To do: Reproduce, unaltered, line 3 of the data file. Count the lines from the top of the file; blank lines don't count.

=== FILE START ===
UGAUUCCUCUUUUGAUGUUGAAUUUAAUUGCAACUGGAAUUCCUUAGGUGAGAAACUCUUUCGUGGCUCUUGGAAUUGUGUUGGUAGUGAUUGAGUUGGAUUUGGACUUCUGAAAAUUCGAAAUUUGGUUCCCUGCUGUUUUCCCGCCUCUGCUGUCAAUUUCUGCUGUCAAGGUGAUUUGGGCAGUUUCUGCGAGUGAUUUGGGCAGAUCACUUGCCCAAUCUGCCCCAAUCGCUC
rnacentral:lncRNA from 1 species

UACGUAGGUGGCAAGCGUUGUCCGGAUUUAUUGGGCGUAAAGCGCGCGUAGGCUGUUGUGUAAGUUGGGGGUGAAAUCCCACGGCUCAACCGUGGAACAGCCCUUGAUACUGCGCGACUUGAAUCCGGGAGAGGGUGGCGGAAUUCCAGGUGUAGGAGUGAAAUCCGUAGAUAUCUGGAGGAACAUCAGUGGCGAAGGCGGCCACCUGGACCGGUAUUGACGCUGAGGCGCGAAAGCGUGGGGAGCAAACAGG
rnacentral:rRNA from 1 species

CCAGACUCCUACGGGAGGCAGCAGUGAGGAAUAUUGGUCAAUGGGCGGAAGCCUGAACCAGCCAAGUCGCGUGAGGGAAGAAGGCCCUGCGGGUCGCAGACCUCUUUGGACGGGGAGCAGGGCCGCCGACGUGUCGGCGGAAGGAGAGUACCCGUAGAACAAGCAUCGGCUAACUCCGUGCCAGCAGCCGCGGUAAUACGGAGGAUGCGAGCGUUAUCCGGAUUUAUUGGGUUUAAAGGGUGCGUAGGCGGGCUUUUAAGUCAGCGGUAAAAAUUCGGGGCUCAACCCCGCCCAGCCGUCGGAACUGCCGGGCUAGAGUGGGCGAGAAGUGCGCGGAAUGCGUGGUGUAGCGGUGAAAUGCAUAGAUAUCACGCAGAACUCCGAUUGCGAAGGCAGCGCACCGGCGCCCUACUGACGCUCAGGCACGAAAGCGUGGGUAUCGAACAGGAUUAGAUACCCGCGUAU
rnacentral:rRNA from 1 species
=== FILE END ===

UACGUAGGUGGCAAGCGUUGUCCGGAUUUAUUGGGCGUAAAGCGCGCGUAGGCUGUUGUGUAAGUUGGGGGUGAAAUCCCACGGCUCAACCGUGGAACAGCCCUUGAUACUGCGCGACUUGAAUCCGGGAGAGGGUGGCGGAAUUCCAGGUGUAGGAGUGAAAUCCGUAGAUAUCUGGAGGAACAUCAGUGGCGAAGGCGGCCACCUGGACCGGUAUUGACGCUGAGGCGCGAAAGCGUGGGGAGCAAACAGG